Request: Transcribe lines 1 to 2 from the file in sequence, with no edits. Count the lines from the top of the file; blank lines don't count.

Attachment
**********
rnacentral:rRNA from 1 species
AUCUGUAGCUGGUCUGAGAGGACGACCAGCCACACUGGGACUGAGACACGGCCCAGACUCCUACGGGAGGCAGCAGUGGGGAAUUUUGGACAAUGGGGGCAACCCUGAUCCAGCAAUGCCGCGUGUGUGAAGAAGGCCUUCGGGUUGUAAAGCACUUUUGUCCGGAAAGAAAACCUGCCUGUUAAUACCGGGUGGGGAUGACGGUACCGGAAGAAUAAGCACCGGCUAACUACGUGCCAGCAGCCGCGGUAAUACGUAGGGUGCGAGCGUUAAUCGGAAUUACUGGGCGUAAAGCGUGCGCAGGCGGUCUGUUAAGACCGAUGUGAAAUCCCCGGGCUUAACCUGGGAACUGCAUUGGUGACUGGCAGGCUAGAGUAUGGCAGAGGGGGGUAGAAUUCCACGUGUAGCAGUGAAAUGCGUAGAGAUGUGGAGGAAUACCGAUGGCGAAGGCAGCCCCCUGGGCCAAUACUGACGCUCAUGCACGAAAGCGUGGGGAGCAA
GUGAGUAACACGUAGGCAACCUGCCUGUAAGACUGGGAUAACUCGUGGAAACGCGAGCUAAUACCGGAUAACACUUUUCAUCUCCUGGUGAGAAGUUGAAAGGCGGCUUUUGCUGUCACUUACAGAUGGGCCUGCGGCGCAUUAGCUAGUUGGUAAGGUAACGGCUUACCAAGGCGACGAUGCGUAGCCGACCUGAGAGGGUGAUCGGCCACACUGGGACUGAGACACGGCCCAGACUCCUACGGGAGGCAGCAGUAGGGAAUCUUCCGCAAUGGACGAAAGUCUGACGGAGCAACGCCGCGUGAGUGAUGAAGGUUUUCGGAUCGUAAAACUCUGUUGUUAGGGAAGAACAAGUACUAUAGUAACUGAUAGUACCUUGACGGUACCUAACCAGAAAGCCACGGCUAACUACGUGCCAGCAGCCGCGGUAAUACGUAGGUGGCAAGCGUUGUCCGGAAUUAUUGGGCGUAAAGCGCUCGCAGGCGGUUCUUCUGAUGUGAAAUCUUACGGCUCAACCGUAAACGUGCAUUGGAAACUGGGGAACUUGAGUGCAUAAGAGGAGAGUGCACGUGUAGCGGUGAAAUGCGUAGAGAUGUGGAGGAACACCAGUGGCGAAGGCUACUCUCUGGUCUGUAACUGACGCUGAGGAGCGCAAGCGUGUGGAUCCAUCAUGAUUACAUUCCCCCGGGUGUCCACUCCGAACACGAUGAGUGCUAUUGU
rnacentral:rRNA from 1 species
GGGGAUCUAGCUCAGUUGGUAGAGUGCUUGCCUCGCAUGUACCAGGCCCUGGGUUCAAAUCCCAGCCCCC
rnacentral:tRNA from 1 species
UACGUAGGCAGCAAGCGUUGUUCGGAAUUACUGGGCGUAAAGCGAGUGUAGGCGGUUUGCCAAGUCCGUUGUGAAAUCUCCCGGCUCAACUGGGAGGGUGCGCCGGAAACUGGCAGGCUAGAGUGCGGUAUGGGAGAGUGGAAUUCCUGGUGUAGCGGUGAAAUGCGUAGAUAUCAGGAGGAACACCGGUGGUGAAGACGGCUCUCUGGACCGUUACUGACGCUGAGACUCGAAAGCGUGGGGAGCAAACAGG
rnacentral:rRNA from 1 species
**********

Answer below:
rnacentral:rRNA from 1 species
AUCUGUAGCUGGUCUGAGAGGACGACCAGCCACACUGGGACUGAGACACGGCCCAGACUCCUACGGGAGGCAGCAGUGGGGAAUUUUGGACAAUGGGGGCAACCCUGAUCCAGCAAUGCCGCGUGUGUGAAGAAGGCCUUCGGGUUGUAAAGCACUUUUGUCCGGAAAGAAAACCUGCCUGUUAAUACCGGGUGGGGAUGACGGUACCGGAAGAAUAAGCACCGGCUAACUACGUGCCAGCAGCCGCGGUAAUACGUAGGGUGCGAGCGUUAAUCGGAAUUACUGGGCGUAAAGCGUGCGCAGGCGGUCUGUUAAGACCGAUGUGAAAUCCCCGGGCUUAACCUGGGAACUGCAUUGGUGACUGGCAGGCUAGAGUAUGGCAGAGGGGGGUAGAAUUCCACGUGUAGCAGUGAAAUGCGUAGAGAUGUGGAGGAAUACCGAUGGCGAAGGCAGCCCCCUGGGCCAAUACUGACGCUCAUGCACGAAAGCGUGGGGAGCAA